Thursday, April 22, 2010


Splash Down

In case you're not already aware, today marks Earth Day as we sit back and reflect upon the evils that we do on a daily basis, through our actions and inactions causing the planet great stress in its ability to sustain life, and the systematic eradication of creatures with whom we share Nature with. Things we don't see we fail to understand, and Earth the documentary film provides that rare glimpse into the far flung reaches of the Earth, from Pole to Pole through the course of a year and its seasons, from the depths of the oceans to the highest mountain peaks. It's almost Planet Earth digested into 100 minutes, with an environmental message that all will be lost should we continue doing what we're doing.

The version shown here is the UK version with the venerable Patrick Stewart providing the narration. Other versions include James Earl Jones doing the same for the US one (I would love to hear his deep resonating baritone voice), and Ken Watanabe in the Japanese version. With nature documentaries, one will appreciate the intricate details and craft in creating a story out of the footage shot, and leaving it up to the narrator to keep it engaging through expression alone.

Then there's the unforgettable, gorgeous cinematography that will leave you spellbound and taking your breath away each time, be it satellite inspired wide angled shots seen from outer space or high up in the atmosphere, or microscopic time lapsed ones that show the many changes over the passage of time. What's definitive about this film is its never shying away from the circle of life, where hunter and prey jostle for survival of the fittest, where the slightest mistake by either party is a matter of life and death. For this, the deliberate slow motion accentuates the sense of danger and adrenaline felt, and like poetry in motion, we bear witness to how a leopard goes all out to capture its prey, or how the great white shark beautifully emerges Jaws like at its prey, complete with a twist and choreographed fall back into the ocean.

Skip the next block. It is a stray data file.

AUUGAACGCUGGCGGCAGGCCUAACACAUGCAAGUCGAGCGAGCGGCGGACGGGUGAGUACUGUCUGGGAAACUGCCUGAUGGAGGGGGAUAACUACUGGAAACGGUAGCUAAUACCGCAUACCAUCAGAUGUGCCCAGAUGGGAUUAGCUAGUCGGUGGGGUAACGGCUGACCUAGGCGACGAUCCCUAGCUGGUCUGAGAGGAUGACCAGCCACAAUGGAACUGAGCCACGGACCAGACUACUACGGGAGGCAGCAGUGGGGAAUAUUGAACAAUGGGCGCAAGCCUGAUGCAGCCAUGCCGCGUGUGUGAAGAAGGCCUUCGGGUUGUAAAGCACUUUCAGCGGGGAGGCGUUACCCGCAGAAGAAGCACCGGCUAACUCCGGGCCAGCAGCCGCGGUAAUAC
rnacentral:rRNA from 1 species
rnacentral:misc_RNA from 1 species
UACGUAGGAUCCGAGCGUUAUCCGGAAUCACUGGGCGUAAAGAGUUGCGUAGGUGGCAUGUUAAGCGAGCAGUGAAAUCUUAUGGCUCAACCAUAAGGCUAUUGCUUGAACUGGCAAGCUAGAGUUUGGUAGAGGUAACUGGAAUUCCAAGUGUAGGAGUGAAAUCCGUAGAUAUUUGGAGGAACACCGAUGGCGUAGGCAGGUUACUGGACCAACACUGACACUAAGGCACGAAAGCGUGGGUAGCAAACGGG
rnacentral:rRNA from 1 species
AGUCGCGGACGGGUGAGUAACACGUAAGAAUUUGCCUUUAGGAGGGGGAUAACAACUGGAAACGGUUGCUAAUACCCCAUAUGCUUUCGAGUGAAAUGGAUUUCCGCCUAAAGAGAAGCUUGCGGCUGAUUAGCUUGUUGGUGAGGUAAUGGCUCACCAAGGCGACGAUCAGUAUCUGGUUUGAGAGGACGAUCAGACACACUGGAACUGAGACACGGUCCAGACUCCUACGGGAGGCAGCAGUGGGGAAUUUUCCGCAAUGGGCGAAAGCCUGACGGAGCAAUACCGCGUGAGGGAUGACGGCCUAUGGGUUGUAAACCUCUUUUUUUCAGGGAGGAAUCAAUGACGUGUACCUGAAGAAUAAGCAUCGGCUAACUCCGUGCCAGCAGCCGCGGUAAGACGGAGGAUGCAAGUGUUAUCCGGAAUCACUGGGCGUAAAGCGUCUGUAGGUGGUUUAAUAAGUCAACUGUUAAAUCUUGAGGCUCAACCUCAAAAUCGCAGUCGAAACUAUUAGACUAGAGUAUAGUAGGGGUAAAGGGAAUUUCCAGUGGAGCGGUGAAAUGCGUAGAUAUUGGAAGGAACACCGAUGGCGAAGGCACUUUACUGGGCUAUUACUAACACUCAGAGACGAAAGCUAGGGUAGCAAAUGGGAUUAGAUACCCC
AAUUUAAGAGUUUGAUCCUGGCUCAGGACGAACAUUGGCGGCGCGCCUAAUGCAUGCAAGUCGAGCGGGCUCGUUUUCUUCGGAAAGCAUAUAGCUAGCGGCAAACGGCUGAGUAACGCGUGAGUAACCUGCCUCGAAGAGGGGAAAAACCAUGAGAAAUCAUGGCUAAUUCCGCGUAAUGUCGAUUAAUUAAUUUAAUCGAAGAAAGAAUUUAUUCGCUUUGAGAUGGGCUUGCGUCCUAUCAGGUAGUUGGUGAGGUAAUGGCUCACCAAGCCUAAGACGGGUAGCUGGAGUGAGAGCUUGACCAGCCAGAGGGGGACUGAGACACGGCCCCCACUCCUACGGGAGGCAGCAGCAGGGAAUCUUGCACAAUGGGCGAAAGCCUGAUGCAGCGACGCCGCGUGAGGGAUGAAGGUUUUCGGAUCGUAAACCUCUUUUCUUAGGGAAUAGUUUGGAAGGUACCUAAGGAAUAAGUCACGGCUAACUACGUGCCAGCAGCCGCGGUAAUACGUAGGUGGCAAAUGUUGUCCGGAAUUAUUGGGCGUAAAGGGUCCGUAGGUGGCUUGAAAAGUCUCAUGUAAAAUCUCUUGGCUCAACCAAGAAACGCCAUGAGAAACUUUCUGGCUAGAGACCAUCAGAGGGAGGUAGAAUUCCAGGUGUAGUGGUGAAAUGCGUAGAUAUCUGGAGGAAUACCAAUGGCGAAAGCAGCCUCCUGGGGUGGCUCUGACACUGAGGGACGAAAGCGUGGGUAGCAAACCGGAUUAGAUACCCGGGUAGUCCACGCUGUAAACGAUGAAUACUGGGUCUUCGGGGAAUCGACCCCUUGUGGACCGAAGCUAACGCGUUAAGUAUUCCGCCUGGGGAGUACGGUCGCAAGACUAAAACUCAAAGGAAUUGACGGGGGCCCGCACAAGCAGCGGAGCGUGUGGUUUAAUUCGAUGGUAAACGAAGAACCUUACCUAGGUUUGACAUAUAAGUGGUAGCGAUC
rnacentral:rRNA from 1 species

It's witnessing a Noah's Ark worth of animals trying to make sense of the inexplicable changes to their habitats, which turns the world as they know it topsy-turvy, as they go about their season routine now with greater difficulty. We see how the melting polar caps wreck havoc on the Polar Bear's hunt, and how long distance the Elephant herd have to trek in search of water, desert land slowing creeping up the composition of land mass on Earth. Or how far the Humpback Whales must swim, no longer fueled by the plankton required for energy along the way. It's a little painful and heart wrenching even to watch how the animals struggle to keep their offspring and species alive, while we contribute directly to their challenges, and continue to plunder and waste.

I'm pretty glad and somewhat surprised as well that the theatre chain showing this, decided to go the distance by screening it in one of the largest halls available, where it can easily do so in one of the very small ones given the unfortunate lacklustre response to a nature documentary. A misbehaving projector aside which got repaired before screening began (and a prompt notification of the offer of a refund, which nobody took up), it makes it all the more worthwhile to witness Nature digitally on the big screen, with an awesome sound system.

If you watch this and don't feel a thing or a need to change, then surely you do not have a heart. Time to reduce even further, and reuse and recycle even more. Do something, not nothing. Don't let this slip your grasp, and visit for more information.

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